Photo credit: donmaclennan.com
Recently, I made a decision I never anticipated.
Out of the blue, the president of my company faced a family emergency. She was no longer able to travel to Atlanta the next day to pitch an account we had been working on for months. Just as I thought I was about to skate into the weekend, I was in the hot seat to cover. I could either call the prospect to explain the situation and hope our proposal stood strong on its own, or hop in a rental car and drive four hours from Nashville to Atlanta to pitch the account on our behalf. The choice was completely up to me.
The first thoughts that came to mind were all the ways this could go terribly wrong. Driving a long distance in a foreign car gave me panic. I tend to attract crazy drivers that act as if desperately seeking a lifeboat on the Titanic. Needless to say, the trip alone on such short notice was enough to make me want to curl up the in fetal and just say no.
Then, of course, there was the stress and pressure of putting on a compelling presentation by myself to a room of executives. That part I knew I could do with some time and practice, but in only 24-hours, I wasn’t sure I could pull it off.
Despite this, I knew I had to say yes. As Reverend Hunter Wade says, fear is a sign that big things are about to happen – growing opportunities. Those words resonated in my mind – this is my career defining moment. And that fear was merely an indication I simply HAD to do it.
So, I accepted, and just as boldly replaced the negative tape of disastrous what if’s with a new script. Every thought that passed through my mind had to be positive and encouraging from that point forward if I had any chance of getting through the day successfully (without peeing my pants).
As I rolled out of Nashville in a souped-up, trigger happy Chrysler, I thanked the Universe for the opportunity. Then I believed the road would open up for me at every turn and a bubble of safety would transport me smoothly to Atlanta.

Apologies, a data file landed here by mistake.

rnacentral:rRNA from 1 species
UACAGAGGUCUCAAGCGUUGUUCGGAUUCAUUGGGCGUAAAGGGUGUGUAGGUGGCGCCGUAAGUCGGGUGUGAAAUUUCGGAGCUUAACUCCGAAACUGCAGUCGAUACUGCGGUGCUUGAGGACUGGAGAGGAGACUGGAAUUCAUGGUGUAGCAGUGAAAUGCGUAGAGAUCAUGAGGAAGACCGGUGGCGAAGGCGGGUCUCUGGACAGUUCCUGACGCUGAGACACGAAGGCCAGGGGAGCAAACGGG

During the long drive, I visualized myself in the boardroom, talking through the presentation. As the sun set over the Tennessee border, I was closing the presentation in my mind – my words effortlessly morphing into exactly what the prospect wanted to hear – the “um’s” and potential stumbles melting away with the sunlight.
When I arrived safely to the hotel, I posted to my PPC visionaries to send their positive thoughts, knowing our combined forces would stir and vibrate our friendly Universe into alignment.
I woke up the next day without fear or doubt. I felt excited and prepared, playing through the phone conversations I would have on the other side of the presentation hour, recalling my success.
As I walked into the meeting room, I felt empowered, confident and proud to share what our company does for change makers. The statistics, examples, and explanations flowed like fondue. I got back in the car to embark on my journey home feeling so proud for believing not only in myself, but in the power of positive thinking. I was not just practicing positivity; I was owning it.
Just hours later, the prospect sent a rave review to my bosses to share what a wonderful job I did. It may sound egotistical, but even that I envisioned.
Of course, I also saw us winning the account. However, we did not. They loved our work but wanted to go a different strategic direction. Initially this stung, but shortly after, I came to the conclusion the prospect was placed in my pathway for a different purpose than I initially figured. The opportunity was not about winning the business, but rather proving to myself I can do anything I set my mind to. That was the real win – not the end result, but the journey itself. And as someone who believes everything happens for a reason, the timing was simply not right for this partnership, and I feel peace with that.
What fork in the road or major decision are you facing?
Is there a leap of faith you are waiting for the perfect moment to take?
Are your thoughts holding you back or powering you forward?
Don’t sit on the sideline ignoring the inner voice telling you to get in the game. Leap, brave and embrace all the possibilities in “what if.” Because, so long as you have a positive attitude about the situation, you can spin any “what if” into a major win.